Can you imagine growing up in Columbus, attending The Ohio State University, singing “Carmen Ohio” in The ‘Shoe as both a player and a coach for more than 20 years? Then, you find yourself on the opposing sideline as head coach of a different team, watching the other guys sing your own alma mater without you?
Yet, when asked on Monday’s American Athletic Conference teleconference how he felt about returning to Ohio State on Saturday, Luke Fickell said he’s “very unemotional.”
Sure you are, Luke, sure you are.
Fickell was hired as the Cincinnati Bearcats’ head football coach less than three years ago, but before that, he bled Scarlet and Gray through and through.
The Columbus native attended DeSales High School, where he was a two-time first team All-Ohio defensive tackle, as well as a three-time, undefeated state wrestling champion (in other words, don’t mess with the guy.)
Ahead of the 1992 season, John Cooper, Ohio State head football coach at the time, offered him a scholarship, which Fickell accepted. He played for the Buckeyes from 1992-96, redshirting his first year after breaking his leg in practice, and then starting the next four seasons at nose guard. He started 50 consecutive games between 1993 and 1996 — a school-record that Fickell held until Billy Price broke it in 2017.
Fickell finished his career at Ohio State with 212 total tackles, including 26 for-loss and six sacks. During those four years with Fickell as a starter, the Buckeyes went 41-8-1, with two Big Ten co-championships in 1993 and 1996. To end his final season, Ohio State defeated Arizona State in the Rose Bowl. Fickell made two tackles in that game, despite having a torn pectoral muscle.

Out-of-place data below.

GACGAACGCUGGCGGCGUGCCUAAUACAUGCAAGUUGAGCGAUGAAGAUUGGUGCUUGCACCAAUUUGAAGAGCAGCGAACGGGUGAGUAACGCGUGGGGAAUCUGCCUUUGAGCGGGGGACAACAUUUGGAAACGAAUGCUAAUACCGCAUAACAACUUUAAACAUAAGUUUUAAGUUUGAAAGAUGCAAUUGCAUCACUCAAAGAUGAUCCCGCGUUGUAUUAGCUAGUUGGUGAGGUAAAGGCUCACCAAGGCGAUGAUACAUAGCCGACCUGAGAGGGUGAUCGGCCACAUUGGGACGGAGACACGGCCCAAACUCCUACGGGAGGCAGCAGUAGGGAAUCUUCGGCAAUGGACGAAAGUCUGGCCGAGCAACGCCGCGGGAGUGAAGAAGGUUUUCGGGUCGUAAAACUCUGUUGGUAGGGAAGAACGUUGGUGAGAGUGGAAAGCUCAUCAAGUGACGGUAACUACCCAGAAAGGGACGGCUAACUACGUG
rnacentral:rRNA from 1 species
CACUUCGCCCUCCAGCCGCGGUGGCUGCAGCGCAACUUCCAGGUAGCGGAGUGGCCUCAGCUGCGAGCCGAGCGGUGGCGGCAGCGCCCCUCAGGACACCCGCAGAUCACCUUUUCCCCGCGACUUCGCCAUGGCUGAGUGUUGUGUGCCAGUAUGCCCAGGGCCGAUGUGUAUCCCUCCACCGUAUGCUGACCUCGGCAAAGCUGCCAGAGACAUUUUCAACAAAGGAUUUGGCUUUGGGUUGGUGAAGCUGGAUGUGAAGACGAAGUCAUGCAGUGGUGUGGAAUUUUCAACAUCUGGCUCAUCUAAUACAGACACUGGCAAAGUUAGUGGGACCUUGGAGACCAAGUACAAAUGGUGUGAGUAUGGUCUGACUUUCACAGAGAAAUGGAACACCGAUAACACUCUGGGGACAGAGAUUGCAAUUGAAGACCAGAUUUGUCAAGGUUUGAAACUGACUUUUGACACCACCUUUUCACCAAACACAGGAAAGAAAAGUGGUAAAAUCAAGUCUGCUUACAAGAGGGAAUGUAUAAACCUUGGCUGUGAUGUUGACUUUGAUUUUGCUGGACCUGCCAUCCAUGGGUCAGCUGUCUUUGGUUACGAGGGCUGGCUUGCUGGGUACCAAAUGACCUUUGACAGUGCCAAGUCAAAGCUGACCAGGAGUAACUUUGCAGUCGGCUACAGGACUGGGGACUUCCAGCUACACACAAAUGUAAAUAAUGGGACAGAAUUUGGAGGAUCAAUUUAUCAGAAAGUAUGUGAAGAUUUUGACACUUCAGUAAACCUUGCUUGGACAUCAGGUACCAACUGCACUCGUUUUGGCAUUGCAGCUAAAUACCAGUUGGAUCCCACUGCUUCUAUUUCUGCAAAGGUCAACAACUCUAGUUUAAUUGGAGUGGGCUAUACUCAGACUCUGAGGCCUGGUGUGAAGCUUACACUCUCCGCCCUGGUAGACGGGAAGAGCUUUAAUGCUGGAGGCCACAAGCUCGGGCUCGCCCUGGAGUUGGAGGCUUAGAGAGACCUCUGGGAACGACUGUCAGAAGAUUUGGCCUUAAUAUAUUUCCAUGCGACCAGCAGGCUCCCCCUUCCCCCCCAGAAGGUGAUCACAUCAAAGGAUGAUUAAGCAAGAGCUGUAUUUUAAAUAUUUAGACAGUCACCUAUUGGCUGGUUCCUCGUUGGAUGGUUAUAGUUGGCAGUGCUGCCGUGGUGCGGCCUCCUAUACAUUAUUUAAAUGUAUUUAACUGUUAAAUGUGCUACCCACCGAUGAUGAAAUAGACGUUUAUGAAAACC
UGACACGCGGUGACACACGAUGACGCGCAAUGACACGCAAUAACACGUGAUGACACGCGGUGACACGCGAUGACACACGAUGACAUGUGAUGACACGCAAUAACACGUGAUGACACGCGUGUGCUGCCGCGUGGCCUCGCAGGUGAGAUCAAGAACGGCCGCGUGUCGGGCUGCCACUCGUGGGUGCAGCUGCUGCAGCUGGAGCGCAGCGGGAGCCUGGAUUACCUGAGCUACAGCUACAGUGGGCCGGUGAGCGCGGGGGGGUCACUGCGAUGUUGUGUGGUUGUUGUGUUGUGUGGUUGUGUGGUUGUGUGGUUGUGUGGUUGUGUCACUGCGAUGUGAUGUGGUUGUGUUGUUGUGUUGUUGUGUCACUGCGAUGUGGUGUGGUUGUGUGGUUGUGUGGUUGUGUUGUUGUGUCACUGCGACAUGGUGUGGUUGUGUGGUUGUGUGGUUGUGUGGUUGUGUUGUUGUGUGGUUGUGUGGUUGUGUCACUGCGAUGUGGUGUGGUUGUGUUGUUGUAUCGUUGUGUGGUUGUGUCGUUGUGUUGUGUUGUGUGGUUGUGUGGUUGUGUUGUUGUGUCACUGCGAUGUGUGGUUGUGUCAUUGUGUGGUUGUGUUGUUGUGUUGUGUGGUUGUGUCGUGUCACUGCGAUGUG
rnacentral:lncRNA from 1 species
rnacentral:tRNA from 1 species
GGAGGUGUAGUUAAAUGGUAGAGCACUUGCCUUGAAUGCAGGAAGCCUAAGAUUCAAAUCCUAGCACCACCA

After graduating from Ohio State in 1997 with a degree in exercise science, Fickell signed as an undrafted free agent with the New Orleans Saints. He spent a year on the injured reserve list after tearing the ACL in his knee and was later released by the team.
Soon after his short-lived NFL career ended, Cooper came knocking once again. Fickell was hired in 1999 as a graduate assistant at Ohio State by his college coach. He would stay with the Buckeyes for one season before accepting his first full-time coaching position in 2000 at the University of Akron. Fickell spent two years as the Zips’ defensive line coach under head coach Lee Owens.
In 2002, Fickell started a new coaching job at — you guessed it — Ohio State. Second-year head coach Jim Tressel brought him back to the program as special teams coordinator. Fickell led the Buckeyes’ special teams for two years before taking over as linebackers coach in 2004 and then adding co-defensive coordinator to his job duties in 2005. He held both of these titles until 2011, when he took over as interim head coach.
In 2005, the Fickell-led defense was fifth in the NCAA in total defense and first in rushing defense. In 2007 the Buckeyes were first in total defense, first in scoring defense and first in pass defense. In 2009 and 2010, the team was fifth and fourth, respectively, in total defense. From 2005-2011, Fickell’s units finished in the top 5 nationally in points per game allowed five times.